We look back at the historic sporting event that celebrates its ‘birthday’ this week. This time the Dutch Grand Prix in Zandvoort on May 20, 1962.
In the fifties there were only three types of drivers: factory drivers like Juan Manuel Fangio and Stirling Moss, a group of young talents and the so-called ‘gentleman drivers’. One of them is the Dutchman Carel Godin de Beaufort. Her name already gives it away: The goddess de Beaufort is noble. That is why he is also called racing esquire.
It is one of his many nicknames. He is also called Careltje. And that while he is not particularly small in almost two meters and 118 kilos. Among the drivers he is also called ‘Fatty Porsche’. Esquire likes cars from the German manufacturer, but sometimes it’s not worth it. That is why he always drives a Porsche 718. He is also known for driving without shoes.
Fall from 15 meters
After being ready to drive the famous 24 hours of Le Mans, Godin de Beaufort makes his debut in Formula 1 in 1958. Not a success. More than twenty minutes after the winner Fangio, the first Dutch driver crosses the line.
Godin de Beaufort narrowly avoided death a year later when he released his Porsche track during the Berlin Grand Prix. Porsche falls fifteen meters. Miraculously enough, he is able to continue the race at first. In the end, he doesn’t reach the finish line.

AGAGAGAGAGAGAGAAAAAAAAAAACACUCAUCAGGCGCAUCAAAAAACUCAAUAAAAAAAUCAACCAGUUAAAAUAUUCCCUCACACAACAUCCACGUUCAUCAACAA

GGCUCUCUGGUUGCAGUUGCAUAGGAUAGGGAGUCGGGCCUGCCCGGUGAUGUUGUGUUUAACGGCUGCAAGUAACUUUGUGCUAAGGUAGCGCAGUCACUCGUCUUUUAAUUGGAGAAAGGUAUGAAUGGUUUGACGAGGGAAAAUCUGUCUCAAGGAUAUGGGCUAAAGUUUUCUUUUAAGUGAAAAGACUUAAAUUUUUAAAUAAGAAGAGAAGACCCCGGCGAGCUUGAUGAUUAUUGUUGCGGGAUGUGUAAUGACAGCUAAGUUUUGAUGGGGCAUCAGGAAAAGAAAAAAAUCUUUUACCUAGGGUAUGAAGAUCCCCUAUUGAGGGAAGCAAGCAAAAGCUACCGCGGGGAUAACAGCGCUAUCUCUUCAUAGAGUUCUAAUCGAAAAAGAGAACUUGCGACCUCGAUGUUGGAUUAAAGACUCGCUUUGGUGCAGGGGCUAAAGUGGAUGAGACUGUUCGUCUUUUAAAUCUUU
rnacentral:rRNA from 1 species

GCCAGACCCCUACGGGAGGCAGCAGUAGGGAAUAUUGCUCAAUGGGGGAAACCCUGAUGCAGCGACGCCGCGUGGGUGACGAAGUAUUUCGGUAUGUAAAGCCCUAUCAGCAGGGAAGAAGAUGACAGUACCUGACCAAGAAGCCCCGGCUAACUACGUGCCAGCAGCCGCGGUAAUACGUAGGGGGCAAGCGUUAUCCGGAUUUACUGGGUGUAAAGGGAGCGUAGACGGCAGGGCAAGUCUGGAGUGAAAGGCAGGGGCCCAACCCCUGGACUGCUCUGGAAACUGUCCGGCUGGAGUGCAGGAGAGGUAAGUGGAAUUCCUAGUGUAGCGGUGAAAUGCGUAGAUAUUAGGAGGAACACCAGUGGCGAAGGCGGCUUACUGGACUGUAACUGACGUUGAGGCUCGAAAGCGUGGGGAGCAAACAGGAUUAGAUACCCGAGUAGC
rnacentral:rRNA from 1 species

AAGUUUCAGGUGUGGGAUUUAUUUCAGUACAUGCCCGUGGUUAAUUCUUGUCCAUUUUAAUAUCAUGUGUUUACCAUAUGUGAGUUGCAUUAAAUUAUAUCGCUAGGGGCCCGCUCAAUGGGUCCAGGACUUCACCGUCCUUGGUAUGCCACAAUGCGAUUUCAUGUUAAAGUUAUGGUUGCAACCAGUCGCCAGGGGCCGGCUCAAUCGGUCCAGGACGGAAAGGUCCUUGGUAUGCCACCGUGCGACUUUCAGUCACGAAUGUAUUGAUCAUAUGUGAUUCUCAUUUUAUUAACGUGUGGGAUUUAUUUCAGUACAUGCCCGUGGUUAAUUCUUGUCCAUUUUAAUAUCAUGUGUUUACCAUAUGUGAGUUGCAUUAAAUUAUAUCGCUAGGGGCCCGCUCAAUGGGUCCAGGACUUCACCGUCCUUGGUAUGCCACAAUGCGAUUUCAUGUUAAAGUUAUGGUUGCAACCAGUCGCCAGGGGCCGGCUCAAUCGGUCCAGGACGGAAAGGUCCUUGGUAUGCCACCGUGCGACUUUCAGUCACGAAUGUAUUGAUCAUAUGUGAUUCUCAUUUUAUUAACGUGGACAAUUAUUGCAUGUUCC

At the weekend of the Dutch Grand Prix at Zandvoort in the spring of 1962, Dutchmen Ben Pon and Rob Slotemaker also drive with jonkheer. The latter is not eligible. Pon, who is making his debut in the premier class of motor racing, qualified tenth. After two laps he exits the track. Godin de Beaufort knows the best races.
He starts in fourteenth position. “Carel Godin de Beaufort gave a surprising and excellent performance, who, after an unusual race, brought his Porsche to sixth place in this field of twenty drivers,” Algemeen Dagblad wrote a day later.
A Beatle wig
In the following years, ‘Fatty Porsche’ remains a familiar face in Formula 1. He manages to score four points in total. In 1964 he stood out during Grand Prix qualifying at the Nürburgring by wearing not a helmet but a Beatle wig. It will be the last weekend that the esquire will participate.
During free practice he falls into the infamous Bergwerkbocht. Godin de Beaufort is taken to the hospital in Cologne with serious head and chest injuries. He dies a day later. He was only thirty years old.